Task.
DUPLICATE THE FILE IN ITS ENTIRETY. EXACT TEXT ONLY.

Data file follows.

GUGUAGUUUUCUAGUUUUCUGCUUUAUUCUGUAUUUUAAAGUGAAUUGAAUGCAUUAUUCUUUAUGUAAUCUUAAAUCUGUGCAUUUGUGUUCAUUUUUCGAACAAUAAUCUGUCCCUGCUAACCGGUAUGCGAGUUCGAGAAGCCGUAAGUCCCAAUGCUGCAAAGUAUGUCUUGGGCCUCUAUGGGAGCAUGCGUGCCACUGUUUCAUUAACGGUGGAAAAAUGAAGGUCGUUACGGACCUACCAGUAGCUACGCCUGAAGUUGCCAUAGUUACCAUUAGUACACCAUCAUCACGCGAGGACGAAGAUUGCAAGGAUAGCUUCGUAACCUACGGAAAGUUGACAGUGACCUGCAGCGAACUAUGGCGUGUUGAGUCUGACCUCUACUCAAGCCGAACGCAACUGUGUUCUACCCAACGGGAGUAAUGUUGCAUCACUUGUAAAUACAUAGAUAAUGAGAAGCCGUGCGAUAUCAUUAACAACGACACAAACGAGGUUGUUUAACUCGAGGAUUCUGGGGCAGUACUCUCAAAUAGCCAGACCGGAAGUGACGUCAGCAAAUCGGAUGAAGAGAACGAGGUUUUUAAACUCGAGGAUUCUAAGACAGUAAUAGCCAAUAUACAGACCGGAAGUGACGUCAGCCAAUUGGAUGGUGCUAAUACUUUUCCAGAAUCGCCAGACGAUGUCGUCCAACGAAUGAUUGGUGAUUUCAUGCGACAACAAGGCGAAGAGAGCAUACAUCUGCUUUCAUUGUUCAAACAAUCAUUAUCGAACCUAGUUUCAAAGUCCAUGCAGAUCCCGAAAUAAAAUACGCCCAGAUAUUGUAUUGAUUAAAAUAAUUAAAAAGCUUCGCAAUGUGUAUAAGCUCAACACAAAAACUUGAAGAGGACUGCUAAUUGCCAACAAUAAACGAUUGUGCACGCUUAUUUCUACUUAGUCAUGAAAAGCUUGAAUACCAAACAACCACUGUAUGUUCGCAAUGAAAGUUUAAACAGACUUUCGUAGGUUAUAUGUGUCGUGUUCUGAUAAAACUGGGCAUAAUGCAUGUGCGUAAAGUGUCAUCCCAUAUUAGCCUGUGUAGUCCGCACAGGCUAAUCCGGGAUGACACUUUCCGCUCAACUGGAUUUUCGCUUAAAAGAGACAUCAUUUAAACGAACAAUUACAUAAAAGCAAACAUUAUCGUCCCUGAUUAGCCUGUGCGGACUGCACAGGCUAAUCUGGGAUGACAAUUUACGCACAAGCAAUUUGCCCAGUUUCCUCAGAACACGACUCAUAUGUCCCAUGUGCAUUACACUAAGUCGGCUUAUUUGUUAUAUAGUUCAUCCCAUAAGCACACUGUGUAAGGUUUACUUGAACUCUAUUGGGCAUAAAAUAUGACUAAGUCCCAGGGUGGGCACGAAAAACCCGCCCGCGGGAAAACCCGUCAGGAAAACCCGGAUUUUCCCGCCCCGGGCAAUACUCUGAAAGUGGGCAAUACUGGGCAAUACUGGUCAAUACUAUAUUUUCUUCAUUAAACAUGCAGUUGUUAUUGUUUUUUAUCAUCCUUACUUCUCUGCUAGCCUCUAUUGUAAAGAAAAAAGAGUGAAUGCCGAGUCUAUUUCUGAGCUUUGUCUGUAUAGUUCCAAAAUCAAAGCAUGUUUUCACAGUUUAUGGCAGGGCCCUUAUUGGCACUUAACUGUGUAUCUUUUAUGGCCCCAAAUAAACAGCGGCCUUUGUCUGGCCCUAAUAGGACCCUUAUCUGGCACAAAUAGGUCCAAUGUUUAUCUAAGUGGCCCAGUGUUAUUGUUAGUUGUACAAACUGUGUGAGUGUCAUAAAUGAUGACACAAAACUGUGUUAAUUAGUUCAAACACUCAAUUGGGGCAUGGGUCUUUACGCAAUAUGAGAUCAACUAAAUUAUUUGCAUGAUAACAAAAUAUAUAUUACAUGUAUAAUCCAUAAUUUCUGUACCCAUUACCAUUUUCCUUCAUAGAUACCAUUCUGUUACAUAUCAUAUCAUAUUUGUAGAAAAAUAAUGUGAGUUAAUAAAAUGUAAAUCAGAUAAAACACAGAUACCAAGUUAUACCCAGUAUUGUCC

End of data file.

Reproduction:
GUGUAGUUUUCUAGUUUUCUGCUUUAUUCUGUAUUUUAAAGUGAAUUGAAUGCAUUAUUCUUUAUGUAAUCUUAAAUCUGUGCAUUUGUGUUCAUUUUUCGAACAAUAAUCUGUCCCUGCUAACCGGUAUGCGAGUUCGAGAAGCCGUAAGUCCCAAUGCUGCAAAGUAUGUCUUGGGCCUCUAUGGGAGCAUGCGUGCCACUGUUUCAUUAACGGUGGAAAAAUGAAGGUCGUUACGGACCUACCAGUAGCUACGCCUGAAGUUGCCAUAGUUACCAUUAGUACACCAUCAUCACGCGAGGACGAAGAUUGCAAGGAUAGCUUCGUAACCUACGGAAAGUUGACAGUGACCUGCAGCGAACUAUGGCGUGUUGAGUCUGACCUCUACUCAAGCCGAACGCAACUGUGUUCUACCCAACGGGAGUAAUGUUGCAUCACUUGUAAAUACAUAGAUAAUGAGAAGCCGUGCGAUAUCAUUAACAACGACACAAACGAGGUUGUUUAACUCGAGGAUUCUGGGGCAGUACUCUCAAAUAGCCAGACCGGAAGUGACGUCAGCAAAUCGGAUGAAGAGAACGAGGUUUUUAAACUCGAGGAUUCUAAGACAGUAAUAGCCAAUAUACAGACCGGAAGUGACGUCAGCCAAUUGGAUGGUGCUAAUACUUUUCCAGAAUCGCCAGACGAUGUCGUCCAACGAAUGAUUGGUGAUUUCAUGCGACAACAAGGCGAAGAGAGCAUACAUCUGCUUUCAUUGUUCAAACAAUCAUUAUCGAACCUAGUUUCAAAGUCCAUGCAGAUCCCGAAAUAAAAUACGCCCAGAUAUUGUAUUGAUUAAAAUAAUUAAAAAGCUUCGCAAUGUGUAUAAGCUCAACACAAAAACUUGAAGAGGACUGCUAAUUGCCAACAAUAAACGAUUGUGCACGCUUAUUUCUACUUAGUCAUGAAAAGCUUGAAUACCAAACAACCACUGUAUGUUCGCAAUGAAAGUUUAAACAGACUUUCGUAGGUUAUAUGUGUCGUGUUCUGAUAAAACUGGGCAUAAUGCAUGUGCGUAAAGUGUCAUCCCAUAUUAGCCUGUGUAGUCCGCACAGGCUAAUCCGGGAUGACACUUUCCGCUCAACUGGAUUUUCGCUUAAAAGAGACAUCAUUUAAACGAACAAUUACAUAAAAGCAAACAUUAUCGUCCCUGAUUAGCCUGUGCGGACUGCACAGGCUAAUCUGGGAUGACAAUUUACGCACAAGCAAUUUGCCCAGUUUCCUCAGAACACGACUCAUAUGUCCCAUGUGCAUUACACUAAGUCGGCUUAUUUGUUAUAUAGUUCAUCCCAUAAGCACACUGUGUAAGGUUUACUUGAACUCUAUUGGGCAUAAAAUAUGACUAAGUCCCAGGGUGGGCACGAAAAACCCGCCCGCGGGAAAACCCGUCAGGAAAACCCGGAUUUUCCCGCCCCGGGCAAUACUCUGAAAGUGGGCAAUACUGGGCAAUACUGGUCAAUACUAUAUUUUCUUCAUUAAACAUGCAGUUGUUAUUGUUUUUUAUCAUCCUUACUUCUCUGCUAGCCUCUAUUGUAAAGAAAAAAGAGUGAAUGCCGAGUCUAUUUCUGAGCUUUGUCUGUAUAGUUCCAAAAUCAAAGCAUGUUUUCACAGUUUAUGGCAGGGCCCUUAUUGGCACUUAACUGUGUAUCUUUUAUGGCCCCAAAUAAACAGCGGCCUUUGUCUGGCCCUAAUAGGACCCUUAUCUGGCACAAAUAGGUCCAAUGUUUAUCUAAGUGGCCCAGUGUUAUUGUUAGUUGUACAAACUGUGUGAGUGUCAUAAAUGAUGACACAAAACUGUGUUAAUUAGUUCAAACACUCAAUUGGGGCAUGGGUCUUUACGCAAUAUGAGAUCAACUAAAUUAUUUGCAUGAUAACAAAAUAUAUAUUACAUGUAUAAUCCAUAAUUUCUGUACCCAUUACCAUUUUCCUUCAUAGAUACCAUUCUGUUACAUAUCAUAUCAUAUUUGUAGAAAAAUAAUGUGAGUUAAUAAAAUGUAAAUCAGAUAAAACACAGAUACCAAGUUAUACCCAGUAUUGUCC